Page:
Genesis 49 is the final chapter in Jacob’s life. He spends time talking with his sons – one by one – sharing the truth of their past and future. Some strong words for his boys. Some have a price to pay for their life choices, others will be lifted up and praised. Jacob speaks truth and shares openly. But he keeps God in the picture as he addresses each one. He “waits in hope for your salvation, God”. He is a spiritual leader in his family. The focus is on God and God’s blessing. “The God of your father – may he help you”! He blesses Joseph yet again with a power blessing. And then he “breathed his last” and passed on. So how will your kids remember you? Will it be based around you blessing? Will it be a life that is committed and submitted to God? Will it be as a strong spiritual leader who pointed them to the Cross? Just how will your legacy begin? Legacy doesn’t happen til we breathe our last breath, but the time prior to that is the key to setting up what that legacy will look like. The time and energy we spend teaching, modeling, living life with God determines the impact of life after we leave this earth. Jacob goes out in style, speaking truth to each of his kids and setting the stage for his legacy. Have you considered that passing of the torch? None of us like to think about death. But I can guarantee it will happen to you. Your day will come, and the preparation for that day needs to happen before rather than after. Are you ready? Is your relationship with God right? Are you secure in your faith and future? Is Jesus really Lord of your life? It is so important to consider these things while there is still breath within us. Once we pass on, the opportunity to get life on the right track is over. Don’t miss that – do it now – while there is time. And recognize that your life touches many. Live it well – live it with God!
Genesis 48 is a very personal moment between Jacob (Israel) and Joseph. Jacob is about ready to die. He is blind and ill. Joseph is told and goes to see his father along with his two sons. They arrive and Jacob reviews his interaction with God and remembers God’s faithfulness to him. He talks about Joseph’s mother Rachel and her death along with the inheritance he has planned for the brothers. Then it is as though a lightbulb went on. Jacob “noticed Joseph’s sons and said, ‘who are these?’” I am not sure if Jacob had never seen Joseph’s boys before, but this appears to be an introduction. What happens next is an important and powerful lesson for all of us – the power of blessing. We have seen it in Genesis a few times before. And here, Jacob asks Joseph to bring the boys up close so he can “bless them”. Joseph sets Epraim to the right and Manasseh to the left, who was the first born. Then Israel proceeds to bless them.
Have you ever blessed anyone? Have you ever had anyone bless your kids? Have you blessed your kids? I remember doing this with my own kids some years ago – placing my hands on them and praying God’s blessing. I had no idea what I was doing, but Jacob gives us a pretty good idea of what a blessing should look like: “The God before whom walked my fathers Abraham and Isaac, The God who has been my shepherd all my lifelong to this very day, the Angel who delivered me from every evil, Bless the boys. May my name be echoed in their lives, and the names of Abraham and Isaac, my fathers, and may they grow covering the Earth with their children.” Not a long prayer, but a very powerful one calling on God who has been faithful for many generations to continue that on these boys. We need to pray like this a lot more often – remembering the past and the heritage we have as believers and asking God to bless those around us like Israel did. Joseph tried to change the way Israel did the blessing, he crossed his arms and put his right hand on the younger boy Ephraim’s head but Israel explained that it was no mistake. He blessed them both but put Ephraim ahead of Manasseh. The power of blessing…..I encourage you to study how scripture demonstrates it and then practice it in making an impact for eternity!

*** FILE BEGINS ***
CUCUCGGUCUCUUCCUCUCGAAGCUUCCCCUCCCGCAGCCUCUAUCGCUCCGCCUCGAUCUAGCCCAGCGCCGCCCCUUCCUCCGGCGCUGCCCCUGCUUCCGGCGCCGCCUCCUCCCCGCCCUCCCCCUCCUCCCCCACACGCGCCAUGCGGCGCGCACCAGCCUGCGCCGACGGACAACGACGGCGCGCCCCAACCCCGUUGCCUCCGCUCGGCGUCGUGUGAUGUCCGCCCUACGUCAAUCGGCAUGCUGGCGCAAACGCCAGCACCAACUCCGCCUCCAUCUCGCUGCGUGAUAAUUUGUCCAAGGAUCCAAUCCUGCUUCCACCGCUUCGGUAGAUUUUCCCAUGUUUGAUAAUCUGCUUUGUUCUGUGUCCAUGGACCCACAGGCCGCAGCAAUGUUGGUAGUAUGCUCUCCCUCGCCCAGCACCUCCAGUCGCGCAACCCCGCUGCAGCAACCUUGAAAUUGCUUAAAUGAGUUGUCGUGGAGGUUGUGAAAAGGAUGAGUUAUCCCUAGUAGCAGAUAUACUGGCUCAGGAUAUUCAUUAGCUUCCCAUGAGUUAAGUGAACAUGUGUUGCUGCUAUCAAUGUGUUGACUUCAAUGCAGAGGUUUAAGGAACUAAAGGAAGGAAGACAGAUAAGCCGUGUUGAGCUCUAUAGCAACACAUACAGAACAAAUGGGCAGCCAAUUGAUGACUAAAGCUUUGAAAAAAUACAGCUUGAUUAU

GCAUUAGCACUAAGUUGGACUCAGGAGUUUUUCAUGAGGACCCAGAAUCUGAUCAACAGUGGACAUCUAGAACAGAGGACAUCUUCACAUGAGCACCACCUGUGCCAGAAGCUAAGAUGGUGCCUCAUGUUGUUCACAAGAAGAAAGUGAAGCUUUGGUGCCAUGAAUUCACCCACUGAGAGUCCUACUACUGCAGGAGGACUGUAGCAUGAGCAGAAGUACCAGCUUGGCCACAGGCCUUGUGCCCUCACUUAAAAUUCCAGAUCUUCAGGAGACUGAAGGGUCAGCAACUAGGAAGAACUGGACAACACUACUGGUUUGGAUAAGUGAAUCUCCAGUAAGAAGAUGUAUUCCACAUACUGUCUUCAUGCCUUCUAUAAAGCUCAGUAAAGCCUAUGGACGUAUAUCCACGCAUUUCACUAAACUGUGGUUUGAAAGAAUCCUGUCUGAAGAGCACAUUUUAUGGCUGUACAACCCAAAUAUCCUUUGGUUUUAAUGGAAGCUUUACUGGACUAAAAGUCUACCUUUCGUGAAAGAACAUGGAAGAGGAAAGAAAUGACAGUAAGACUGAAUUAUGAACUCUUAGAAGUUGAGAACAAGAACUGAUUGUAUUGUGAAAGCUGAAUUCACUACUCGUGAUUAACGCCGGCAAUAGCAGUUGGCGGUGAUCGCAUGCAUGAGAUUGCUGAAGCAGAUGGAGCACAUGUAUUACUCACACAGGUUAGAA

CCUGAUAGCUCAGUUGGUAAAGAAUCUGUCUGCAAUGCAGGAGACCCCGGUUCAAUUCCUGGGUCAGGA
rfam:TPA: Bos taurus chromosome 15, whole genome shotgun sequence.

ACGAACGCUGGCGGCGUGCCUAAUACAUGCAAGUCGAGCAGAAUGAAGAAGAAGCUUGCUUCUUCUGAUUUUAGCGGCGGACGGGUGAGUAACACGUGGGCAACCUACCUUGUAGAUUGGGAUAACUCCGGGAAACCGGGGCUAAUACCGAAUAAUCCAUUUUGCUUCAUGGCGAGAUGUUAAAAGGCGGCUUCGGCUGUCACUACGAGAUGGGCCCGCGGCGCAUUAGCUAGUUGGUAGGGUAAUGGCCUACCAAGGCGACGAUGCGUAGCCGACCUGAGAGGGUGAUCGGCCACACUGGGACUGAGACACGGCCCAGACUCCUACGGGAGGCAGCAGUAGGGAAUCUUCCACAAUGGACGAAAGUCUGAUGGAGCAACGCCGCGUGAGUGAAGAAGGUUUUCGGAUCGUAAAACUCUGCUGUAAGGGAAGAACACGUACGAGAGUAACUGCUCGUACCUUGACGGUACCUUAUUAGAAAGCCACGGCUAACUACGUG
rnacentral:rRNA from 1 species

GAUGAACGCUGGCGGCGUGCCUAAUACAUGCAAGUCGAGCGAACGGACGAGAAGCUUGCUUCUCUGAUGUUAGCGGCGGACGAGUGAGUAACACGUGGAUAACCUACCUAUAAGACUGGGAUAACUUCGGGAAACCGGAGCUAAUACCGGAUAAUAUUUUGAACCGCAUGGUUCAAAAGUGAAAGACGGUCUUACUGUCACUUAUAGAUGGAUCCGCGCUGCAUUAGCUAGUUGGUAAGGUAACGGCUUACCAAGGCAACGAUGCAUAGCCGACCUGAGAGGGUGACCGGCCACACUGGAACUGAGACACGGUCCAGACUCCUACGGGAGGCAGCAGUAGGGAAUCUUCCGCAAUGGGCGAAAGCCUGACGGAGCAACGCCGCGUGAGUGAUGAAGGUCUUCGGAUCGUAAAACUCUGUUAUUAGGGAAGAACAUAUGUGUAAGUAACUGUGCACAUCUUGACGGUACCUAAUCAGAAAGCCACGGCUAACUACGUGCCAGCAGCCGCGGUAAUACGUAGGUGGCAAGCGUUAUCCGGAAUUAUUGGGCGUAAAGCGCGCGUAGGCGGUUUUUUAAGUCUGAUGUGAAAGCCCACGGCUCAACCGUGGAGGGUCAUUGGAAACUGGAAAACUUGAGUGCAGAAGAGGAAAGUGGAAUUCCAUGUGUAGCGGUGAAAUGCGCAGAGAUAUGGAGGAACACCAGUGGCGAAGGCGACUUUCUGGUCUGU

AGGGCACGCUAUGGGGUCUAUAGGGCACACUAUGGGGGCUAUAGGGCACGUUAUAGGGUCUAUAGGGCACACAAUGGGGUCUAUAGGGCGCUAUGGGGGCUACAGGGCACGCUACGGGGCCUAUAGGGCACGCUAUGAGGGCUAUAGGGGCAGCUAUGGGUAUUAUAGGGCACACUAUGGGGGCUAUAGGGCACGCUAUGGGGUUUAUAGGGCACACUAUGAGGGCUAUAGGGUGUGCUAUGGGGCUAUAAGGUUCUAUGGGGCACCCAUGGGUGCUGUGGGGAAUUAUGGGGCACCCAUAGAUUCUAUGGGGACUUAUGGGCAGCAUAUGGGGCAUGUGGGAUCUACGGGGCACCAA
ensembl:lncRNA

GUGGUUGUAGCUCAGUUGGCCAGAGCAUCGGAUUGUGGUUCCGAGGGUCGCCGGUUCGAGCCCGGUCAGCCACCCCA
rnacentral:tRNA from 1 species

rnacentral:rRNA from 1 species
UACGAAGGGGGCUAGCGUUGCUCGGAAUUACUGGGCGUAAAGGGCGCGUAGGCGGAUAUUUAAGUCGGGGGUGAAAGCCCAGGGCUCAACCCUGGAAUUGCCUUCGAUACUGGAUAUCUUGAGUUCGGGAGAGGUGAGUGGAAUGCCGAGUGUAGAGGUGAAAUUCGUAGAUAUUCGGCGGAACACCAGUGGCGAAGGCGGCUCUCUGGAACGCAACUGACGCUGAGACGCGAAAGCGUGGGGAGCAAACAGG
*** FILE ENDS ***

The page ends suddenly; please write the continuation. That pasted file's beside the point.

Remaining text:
Genesis 47 is the meet the family chapter. Joseph “went to Pharaoh” and introduced him to his family. First the took in 5 of his brothers, and then his father – Jacob who is now 130 years old. Pharaoh asks a few questions and basically tells Joseph to have his brothers to be “in charge of my own livestock”. Jacob connects with Pharoah and then “Jacob blessed Pharaoh and left”. I have to imagine this was a bit scary for Joseph. His sheep herding brothers and rather aged father coming in to see Pharaoh…..quite a change from their normal day of watching the herds and dealing with wild animals trying to eat their property. But Pharaoh was happy for Joseph’s family reunion and granted them the land in Goshen to settle and live. Just what Joseph had hoped would happen, and it did, and “Joseph took good care of them” as they settled and lived there with him.
The rest of the chapter explains the continuing famine and hardship. People ran out of money to buy food with, so Joseph then took their livestock in exchange. The next year he bartered for “bodies…and land”. Soon Pharaoh and Joseph had all that the people had – their money, livestock, land and themselves. They were “grateful and glad to be slaves to Pharaoh”. Wow – that seems like a stretch. They had just given up all they had including their freedom, and they were glad about it. My how hardship can change perspective. Seems that when people are under duress, things can really change. These people were struggling just to survive, so all those things they thought were important very quickly lost the same level of importance when the focus became survival. With some of the current day events, it makes me wonder just how quickly we might we willing to give up freedom and be glad about it. Hard to imagine in happening, but some days it seems like it is right before our eyes and we aren’t raising a red flag nearly big enough or high enough…..